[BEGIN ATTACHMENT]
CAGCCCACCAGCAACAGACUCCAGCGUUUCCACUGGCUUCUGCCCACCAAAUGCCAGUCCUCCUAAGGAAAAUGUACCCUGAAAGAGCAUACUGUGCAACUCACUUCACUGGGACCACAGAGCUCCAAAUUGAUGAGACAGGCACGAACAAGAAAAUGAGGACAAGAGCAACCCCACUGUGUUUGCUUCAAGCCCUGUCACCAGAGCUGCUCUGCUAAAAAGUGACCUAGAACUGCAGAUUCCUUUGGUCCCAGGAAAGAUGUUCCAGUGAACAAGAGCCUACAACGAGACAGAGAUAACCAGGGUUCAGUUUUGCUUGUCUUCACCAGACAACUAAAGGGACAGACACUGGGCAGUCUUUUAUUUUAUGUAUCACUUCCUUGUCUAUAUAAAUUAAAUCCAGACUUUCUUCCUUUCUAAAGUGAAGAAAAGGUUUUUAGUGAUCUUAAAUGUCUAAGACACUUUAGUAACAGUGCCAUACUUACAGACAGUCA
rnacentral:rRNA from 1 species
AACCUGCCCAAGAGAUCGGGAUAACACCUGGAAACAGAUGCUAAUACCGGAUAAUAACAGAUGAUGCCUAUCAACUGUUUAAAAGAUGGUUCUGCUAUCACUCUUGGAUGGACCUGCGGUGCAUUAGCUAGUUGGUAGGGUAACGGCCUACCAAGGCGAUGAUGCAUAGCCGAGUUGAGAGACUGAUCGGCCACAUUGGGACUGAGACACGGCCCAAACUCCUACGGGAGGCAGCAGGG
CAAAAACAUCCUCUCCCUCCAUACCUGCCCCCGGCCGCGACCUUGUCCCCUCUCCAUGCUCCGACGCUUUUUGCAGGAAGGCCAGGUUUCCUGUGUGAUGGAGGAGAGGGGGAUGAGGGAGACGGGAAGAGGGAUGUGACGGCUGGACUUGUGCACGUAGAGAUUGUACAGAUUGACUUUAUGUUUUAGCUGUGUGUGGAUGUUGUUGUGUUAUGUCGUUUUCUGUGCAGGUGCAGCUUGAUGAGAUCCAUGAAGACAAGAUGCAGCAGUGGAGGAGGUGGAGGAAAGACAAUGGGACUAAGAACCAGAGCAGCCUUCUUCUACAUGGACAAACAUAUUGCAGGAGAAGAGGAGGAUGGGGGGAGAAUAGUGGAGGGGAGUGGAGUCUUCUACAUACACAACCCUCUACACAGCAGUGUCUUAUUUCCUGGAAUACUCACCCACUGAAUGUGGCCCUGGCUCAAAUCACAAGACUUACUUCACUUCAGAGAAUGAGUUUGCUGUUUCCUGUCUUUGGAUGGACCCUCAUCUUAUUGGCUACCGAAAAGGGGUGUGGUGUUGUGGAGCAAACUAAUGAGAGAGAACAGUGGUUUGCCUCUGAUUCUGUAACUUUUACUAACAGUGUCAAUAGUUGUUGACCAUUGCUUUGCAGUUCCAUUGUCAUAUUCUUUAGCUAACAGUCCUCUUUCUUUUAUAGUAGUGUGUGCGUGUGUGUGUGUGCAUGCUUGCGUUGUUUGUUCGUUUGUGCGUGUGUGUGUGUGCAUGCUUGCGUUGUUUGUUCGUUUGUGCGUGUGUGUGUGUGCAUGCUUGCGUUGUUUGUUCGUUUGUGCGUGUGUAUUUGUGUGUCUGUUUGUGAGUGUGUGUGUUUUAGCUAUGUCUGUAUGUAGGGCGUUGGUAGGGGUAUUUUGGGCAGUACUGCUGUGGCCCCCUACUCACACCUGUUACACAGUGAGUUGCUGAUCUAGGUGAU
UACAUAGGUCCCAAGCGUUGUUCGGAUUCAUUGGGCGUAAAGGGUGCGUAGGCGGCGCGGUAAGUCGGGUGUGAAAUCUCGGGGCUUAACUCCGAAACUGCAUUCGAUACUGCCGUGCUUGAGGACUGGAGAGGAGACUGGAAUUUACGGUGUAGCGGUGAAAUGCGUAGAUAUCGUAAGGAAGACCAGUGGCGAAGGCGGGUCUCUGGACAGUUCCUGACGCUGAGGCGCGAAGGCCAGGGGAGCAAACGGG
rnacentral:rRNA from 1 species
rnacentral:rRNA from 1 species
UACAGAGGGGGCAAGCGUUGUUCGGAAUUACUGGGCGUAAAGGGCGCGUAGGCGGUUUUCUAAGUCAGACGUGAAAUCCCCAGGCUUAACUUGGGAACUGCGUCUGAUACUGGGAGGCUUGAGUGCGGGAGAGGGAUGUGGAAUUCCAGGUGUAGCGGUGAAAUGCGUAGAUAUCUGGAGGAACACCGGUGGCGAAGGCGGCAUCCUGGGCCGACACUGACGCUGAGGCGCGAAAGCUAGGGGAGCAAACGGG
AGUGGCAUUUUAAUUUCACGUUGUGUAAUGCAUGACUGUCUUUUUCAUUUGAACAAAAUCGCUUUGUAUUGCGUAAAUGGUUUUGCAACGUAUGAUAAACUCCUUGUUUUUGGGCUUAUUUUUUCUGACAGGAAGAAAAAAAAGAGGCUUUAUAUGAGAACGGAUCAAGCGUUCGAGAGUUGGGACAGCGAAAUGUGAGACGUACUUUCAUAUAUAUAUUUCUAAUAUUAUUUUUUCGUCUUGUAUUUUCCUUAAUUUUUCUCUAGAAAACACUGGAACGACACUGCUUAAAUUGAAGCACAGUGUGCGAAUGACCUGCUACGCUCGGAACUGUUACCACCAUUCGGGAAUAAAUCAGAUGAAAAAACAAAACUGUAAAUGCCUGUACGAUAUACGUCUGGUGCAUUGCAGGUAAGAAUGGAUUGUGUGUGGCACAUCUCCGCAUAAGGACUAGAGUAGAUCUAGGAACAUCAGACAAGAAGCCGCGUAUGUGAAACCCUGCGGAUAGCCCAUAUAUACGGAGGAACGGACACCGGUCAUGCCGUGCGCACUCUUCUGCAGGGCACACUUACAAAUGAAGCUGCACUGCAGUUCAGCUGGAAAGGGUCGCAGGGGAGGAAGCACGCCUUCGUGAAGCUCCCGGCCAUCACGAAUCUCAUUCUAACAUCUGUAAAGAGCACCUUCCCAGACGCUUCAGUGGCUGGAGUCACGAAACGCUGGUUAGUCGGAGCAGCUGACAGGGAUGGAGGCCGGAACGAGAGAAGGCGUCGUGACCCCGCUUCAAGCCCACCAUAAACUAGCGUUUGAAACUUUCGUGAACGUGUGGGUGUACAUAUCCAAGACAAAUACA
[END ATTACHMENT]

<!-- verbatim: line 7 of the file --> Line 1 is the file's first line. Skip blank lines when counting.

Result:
rnacentral:rRNA from 1 species